By Joseph Erunke and Fortune Eromosele – Abuja
The Hepatitis Zero Nigerian Commission, yesterday, revealed that over 21 million persons live with the viral hepatitis infection in Nigeria.
Addressing newsmen in Abuja, Dr. Mike Omotosho, President Hepatitis Zero Nigerian Commission, described as staggering the prevalence of Hepatitis, adding that the World Health Organization, estimates more than 325 million people live with viral hepatitis B and C, with an estimated 2.8 million people being infected in 2018 alone.
Omotosho however, expressed worry over the limited level of knowledge regarding the viral hepatitis amongst Nigerians, despite the fact that it is a leading infectious cause of death and claims the lives of many each year.
According to him, “ As a consequence, most of the 21 million Nigeria’s estimated to be living with viral hepatitis do not know that they are infected, placing them at greater risk for severe even fatal complications from the disease and increasing the likelihood that they will spread the virus to others.
“According to the Federal Ministry of Health, Nigeria is one of the countries with the highest burden of viral hepatitis with a prevalence of 11% of hepatitis B and 2.2% of Hepatitis C. across the country, male to female distribution varies and children are not spared. Cases of viral hepatitis are most commonly found among the age group of 21 to 40 years.”
He noted that in Nigeria there is a strong relationship between HBV infection and various forms of Chronic Liver Disease, CLD, including chronic hepatitis, liver cirrhosis and hepatocellular carcinoma.
Furthermore, he said, the risk factors in Nigeria include; local circumcision, local uvelectomy and scarification on the body, tribal marks, surgical procedures, body piercing, delivery at home and receiving a blood transfusion.
Speaking in the same vein, Dr Akudo Ikpeazu, Coordinating Director, National Agency for the Control of Aids, NACA, stated that the Hepatitis virus should be of great concern to everyone as it claims lives daily.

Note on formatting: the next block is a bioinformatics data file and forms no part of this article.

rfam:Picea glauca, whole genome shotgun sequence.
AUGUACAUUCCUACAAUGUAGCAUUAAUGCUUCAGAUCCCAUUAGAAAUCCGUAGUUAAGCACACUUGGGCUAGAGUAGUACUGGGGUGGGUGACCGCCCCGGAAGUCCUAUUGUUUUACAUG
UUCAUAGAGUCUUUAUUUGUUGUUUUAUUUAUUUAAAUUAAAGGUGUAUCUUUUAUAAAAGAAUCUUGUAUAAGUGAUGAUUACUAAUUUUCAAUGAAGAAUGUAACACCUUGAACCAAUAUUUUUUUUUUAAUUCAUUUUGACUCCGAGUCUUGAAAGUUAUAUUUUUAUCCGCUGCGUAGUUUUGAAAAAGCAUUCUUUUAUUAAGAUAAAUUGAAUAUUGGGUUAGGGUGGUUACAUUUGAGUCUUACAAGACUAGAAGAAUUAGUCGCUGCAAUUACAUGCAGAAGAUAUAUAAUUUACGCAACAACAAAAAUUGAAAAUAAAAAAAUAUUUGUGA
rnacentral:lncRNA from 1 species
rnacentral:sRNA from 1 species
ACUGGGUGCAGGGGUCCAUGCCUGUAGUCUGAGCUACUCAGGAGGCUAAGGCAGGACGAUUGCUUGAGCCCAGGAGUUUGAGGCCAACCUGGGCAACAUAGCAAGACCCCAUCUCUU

She said, “We estimate that about 18 million people are living with hepatitis in Nigeria, for hepatitis B we estimate for about 16 million and for hepatitis C about 2.2 million.
“So this a course for great concern for us, for those of us who work in HIV program there’s a lot of co-infection for hepatitis and HIV so it really is a big health problem, but the question is what have we done.
“One of the very quick things that the government did, Nigeria launched a formal program, the National Strategic Plan for the Control of Viral Hepatitis in Nigeria. It clearly enunciates what we are doing as a country and what we expect all the partners who work in that area to put hands together to work.”
“We’ve got over a thousand health workers trained across the country using a public health approach to ensure that hepatitis is managed at the facility level. Nigeria is one of the countries that has achieved 59% for vaccination,” she added.
Also speaking, the Director-General, National Orientation Agency, Dr Garba Abari said the primary duty of the agency, is to ensure that Nigerians are fully briefed and aware of the alarming dangers the hepatitis virus poses.
The DG who was ably represented by Mrs Mette Edekob, Director, Special Duties & State Operations, SDSO, said “Ours is to ensure that every Nigerian knows the danger of hepatitis B, C and A and we have done that.
“Since this partnership commenced, every state director of the NOA every chief, orientation and mobilization officer of the NOA has been informed and are directly in touch with this commission to ensure that whatever information concerning hepatitis that these officers are able to tell Nigerians and also answer question. We are the mobilizers, we pass information and so we must also have the right information to pass.
“And so I will assure that we’ve been told on what to say to Nigerians, how to say it and what answers to give when such question arrive. I want to assure you that we will do everything in our power in partnership with the relevant authorities to make it a zero disease in Nigeria.”